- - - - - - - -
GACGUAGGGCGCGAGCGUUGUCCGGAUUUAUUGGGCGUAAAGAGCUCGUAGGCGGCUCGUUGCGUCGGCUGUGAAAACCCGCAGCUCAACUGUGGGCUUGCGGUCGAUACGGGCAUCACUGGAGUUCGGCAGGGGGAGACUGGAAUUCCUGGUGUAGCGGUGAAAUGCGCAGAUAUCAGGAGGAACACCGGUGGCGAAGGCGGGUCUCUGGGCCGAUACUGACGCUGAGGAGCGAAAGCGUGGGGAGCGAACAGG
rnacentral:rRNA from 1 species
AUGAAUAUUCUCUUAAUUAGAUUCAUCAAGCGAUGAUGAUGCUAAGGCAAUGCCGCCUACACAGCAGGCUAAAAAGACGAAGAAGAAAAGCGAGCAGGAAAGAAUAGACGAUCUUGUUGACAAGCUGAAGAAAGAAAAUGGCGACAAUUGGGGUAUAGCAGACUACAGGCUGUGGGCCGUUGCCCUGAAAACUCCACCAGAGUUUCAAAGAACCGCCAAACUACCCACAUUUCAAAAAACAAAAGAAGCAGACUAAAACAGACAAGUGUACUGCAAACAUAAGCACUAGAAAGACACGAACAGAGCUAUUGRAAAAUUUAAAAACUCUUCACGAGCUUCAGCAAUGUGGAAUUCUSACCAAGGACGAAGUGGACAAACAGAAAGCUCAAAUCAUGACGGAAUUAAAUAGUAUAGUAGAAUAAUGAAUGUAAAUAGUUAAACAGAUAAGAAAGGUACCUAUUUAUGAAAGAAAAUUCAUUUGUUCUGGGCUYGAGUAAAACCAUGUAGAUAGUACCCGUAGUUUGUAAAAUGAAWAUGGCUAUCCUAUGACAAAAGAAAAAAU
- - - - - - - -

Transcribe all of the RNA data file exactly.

GACGUAGGGCGCGAGCGUUGUCCGGAUUUAUUGGGCGUAAAGAGCUCGUAGGCGGCUCGUUGCGUCGGCUGUGAAAACCCGCAGCUCAACUGUGGGCUUGCGGUCGAUACGGGCAUCACUGGAGUUCGGCAGGGGGAGACUGGAAUUCCUGGUGUAGCGGUGAAAUGCGCAGAUAUCAGGAGGAACACCGGUGGCGAAGGCGGGUCUCUGGGCCGAUACUGACGCUGAGGAGCGAAAGCGUGGGGAGCGAACAGG
rnacentral:rRNA from 1 species
AUGAAUAUUCUCUUAAUUAGAUUCAUCAAGCGAUGAUGAUGCUAAGGCAAUGCCGCCUACACAGCAGGCUAAAAAGACGAAGAAGAAAAGCGAGCAGGAAAGAAUAGACGAUCUUGUUGACAAGCUGAAGAAAGAAAAUGGCGACAAUUGGGGUAUAGCAGACUACAGGCUGUGGGCCGUUGCCCUGAAAACUCCACCAGAGUUUCAAAGAACCGCCAAACUACCCACAUUUCAAAAAACAAAAGAAGCAGACUAAAACAGACAAGUGUACUGCAAACAUAAGCACUAGAAAGACACGAACAGAGCUAUUGRAAAAUUUAAAAACUCUUCACGAGCUUCAGCAAUGUGGAAUUCUSACCAAGGACGAAGUGGACAAACAGAAAGCUCAAAUCAUGACGGAAUUAAAUAGUAUAGUAGAAUAAUGAAUGUAAAUAGUUAAACAGAUAAGAAAGGUACCUAUUUAUGAAAGAAAAUUCAUUUGUUCUGGGCUYGAGUAAAACCAUGUAGAUAGUACCCGUAGUUUGUAAAAUGAAWAUGGCUAUCCUAUGACAAAAGAAAAAAU